Region Matters


  July 16th, 2013  Vol. 3. Issue 38                    

Dear Friends,

Welcome! Thank you for joining us for this week's Region Matters! We value growing our Region Matters family and encourage everyone to share the work of the CRC with your partners and colleagues.  

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In This Issue
CRC Spotlight
CRC Impact
Regional Change in the News
Regional Change Impacts
Upcoming Events
CRC Spotlight

How to Sustain Prosperity? Regional Equity, According to New Study

chris benner Last week, Policy Link highlighted a new study on regional equity by CRC Executive Committee member Chris Benner and Manuel Pastor, USC. More equitable regions sustain economic growth over the long haul. That's the conclusion of their new research examining the economies of the 184 largest metropolitan regions from 1990 to 2011. Although a strong body of research shows that equity is associated with the pace of growth, this is the first study in the United States to show that greater income equality and social inclusion can also mean longer growth spells in U.S. regions. The International Monetary Fund (IMF) has reported similar findings internationally, looking at national economies. Benner, an associate professor of Community and Regional Development at the University of California, Davis, explains the research and its implications.


 To read the full article in Policy Link's newsletter click here

CRC Impact

Central California Environmental Justice Network (CCEJN) Organizes around the Kettleman Hills Waste Facility Public Hearings


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On Tuesday, July 2nd 2013, the Department of Toxic Substances Control (DTSC) announced the approval of a draft permit requested by Chemical Waste Management Inc. to expand and redesign the

Kettleman Hills Facility. As described by Central California Environmental Justice Network, this marks a dark day for activists and residents of Kettleman City and the San Joaquin Valley that have spent years fighting the expansion of this polluter in Kings County. The CCEJN states they will stand with the residents of Kettleman City, Greenaction, Center on Race, Poverty, and the Environment, El Pueblo and others to fight the implementation of this permit, and believes that this landfill is a pollutant and a hazard to everyone in the valley and more importantly to the over-burdened residents of Kettleman City.  


To learn more details about Kettleman Hills, visit the CCEJN website by clicking here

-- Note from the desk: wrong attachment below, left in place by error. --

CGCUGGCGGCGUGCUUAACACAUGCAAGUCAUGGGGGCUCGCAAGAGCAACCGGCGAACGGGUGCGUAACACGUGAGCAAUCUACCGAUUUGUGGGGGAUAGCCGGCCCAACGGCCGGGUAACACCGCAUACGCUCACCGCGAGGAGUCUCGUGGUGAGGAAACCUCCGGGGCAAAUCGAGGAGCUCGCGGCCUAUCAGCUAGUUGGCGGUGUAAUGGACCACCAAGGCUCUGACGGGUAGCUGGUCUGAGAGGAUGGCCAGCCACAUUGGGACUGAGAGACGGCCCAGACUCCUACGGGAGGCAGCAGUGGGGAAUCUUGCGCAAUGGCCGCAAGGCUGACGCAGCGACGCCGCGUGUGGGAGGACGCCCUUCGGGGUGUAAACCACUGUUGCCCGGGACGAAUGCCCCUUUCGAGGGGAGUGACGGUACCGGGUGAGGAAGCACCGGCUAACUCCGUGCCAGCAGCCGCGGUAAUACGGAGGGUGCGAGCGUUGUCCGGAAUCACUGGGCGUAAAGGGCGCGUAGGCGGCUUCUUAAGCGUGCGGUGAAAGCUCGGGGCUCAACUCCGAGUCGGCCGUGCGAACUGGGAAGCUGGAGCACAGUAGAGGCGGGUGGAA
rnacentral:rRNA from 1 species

Regional Change in the News

PandoDaily: Silicon Valley's Ugly Rich-Poor Gap: What's the tech world gonna do about it?


Last week's PandoDaily article citing CRC Executive Committee member Chris Benner is an insightful read about the growing disparity of wealth in the Bay Area. The article describes the Valley ..." where the gap between the rich and the poor is growing. The median household income hit an 11-year low in 2011, according to the 2013 Silicon Valley Index, at about $85,000 a year (although that was 45 percent above state levels). The share of households bringing in less than $35,000 a year increased two percent compared to three years earlier, hitting 20 percent. The nonprofit Insight Center for Community Economic Development has estimated that a family of four needs to make $74,000 a year just to cover basic needs. And while most Silicon Valley residents saw their incomes increase in 2011, African Americans and Hispanics saw their incomes drop by 18 percent and 5 percent respectively."


For a link to the full PandoDaily article, click  here. 

Regional Change Impacts
New Comic Book Reaches New Audiences With an Environmental Justice Message

Untitled-2 Read the newest contribution to the Environmental Justice in Action Blog about Mayah's Lot, a new beautifully illustrated comic book depicting a young heroine who galvanizes her community into action to protect the public health of her community and fight a hazardous waste facility from opening in her neighborhood. The comic book has been heralded as a powerful learning tool for young students in urban areas, teaching them that the environment is something that exists everywhere, not just in rural places far from their homes. Produced by Rebecca Bratspies with the CUNY Center for Urban Environmental Reform
Click here to read the comic book.
Upcoming Events

August 2, Statewide Conference on Farmland Preservation in Napa, CA


Are current efforts to conserve farmland in California working? What strategies can communities use Napa Valley, California, vineyard landscape to protect their irreplaceable agricultural resources? Learn the answers to these questions and more on August 2, 2013 in Napa, California at a statewide conference: Reality or Wishful Thinking? This conference will highlight successes, define obstacles, and explore new directions for conserving California agricultural land. Co-sponsored by American Farmland Trust and Napa County Farm Bureau, the Farmland Conservation conference will welcome leaders from around the state, including from: California Farm Bureau Federation, California Department of Conservation, Marin Agricultural Land Trust, California Rangeland Trust, and UC Berkeley, California Climate & Agriculture Network.  


Click here for the conference program and list of speakers and here for registration details.